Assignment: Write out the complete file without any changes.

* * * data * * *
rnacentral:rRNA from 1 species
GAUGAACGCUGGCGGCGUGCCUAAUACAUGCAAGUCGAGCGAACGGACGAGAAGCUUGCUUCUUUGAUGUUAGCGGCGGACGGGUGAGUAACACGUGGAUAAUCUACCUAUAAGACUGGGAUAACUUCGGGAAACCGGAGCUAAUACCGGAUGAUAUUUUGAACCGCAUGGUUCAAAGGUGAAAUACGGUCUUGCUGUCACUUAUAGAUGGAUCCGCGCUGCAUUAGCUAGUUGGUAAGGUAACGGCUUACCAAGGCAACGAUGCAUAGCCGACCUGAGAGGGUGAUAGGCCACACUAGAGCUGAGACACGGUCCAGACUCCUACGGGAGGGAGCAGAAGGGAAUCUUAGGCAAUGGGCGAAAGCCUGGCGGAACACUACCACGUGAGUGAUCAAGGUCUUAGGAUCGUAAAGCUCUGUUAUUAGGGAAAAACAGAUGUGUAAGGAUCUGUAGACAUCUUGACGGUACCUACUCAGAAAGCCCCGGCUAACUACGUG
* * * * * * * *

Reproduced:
rnacentral:rRNA from 1 species
GAUGAACGCUGGCGGCGUGCCUAAUACAUGCAAGUCGAGCGAACGGACGAGAAGCUUGCUUCUUUGAUGUUAGCGGCGGACGGGUGAGUAACACGUGGAUAAUCUACCUAUAAGACUGGGAUAACUUCGGGAAACCGGAGCUAAUACCGGAUGAUAUUUUGAACCGCAUGGUUCAAAGGUGAAAUACGGUCUUGCUGUCACUUAUAGAUGGAUCCGCGCUGCAUUAGCUAGUUGGUAAGGUAACGGCUUACCAAGGCAACGAUGCAUAGCCGACCUGAGAGGGUGAUAGGCCACACUAGAGCUGAGACACGGUCCAGACUCCUACGGGAGGGAGCAGAAGGGAAUCUUAGGCAAUGGGCGAAAGCCUGGCGGAACACUACCACGUGAGUGAUCAAGGUCUUAGGAUCGUAAAGCUCUGUUAUUAGGGAAAAACAGAUGUGUAAGGAUCUGUAGACAUCUUGACGGUACCUACUCAGAAAGCCCCGGCUAACUACGUG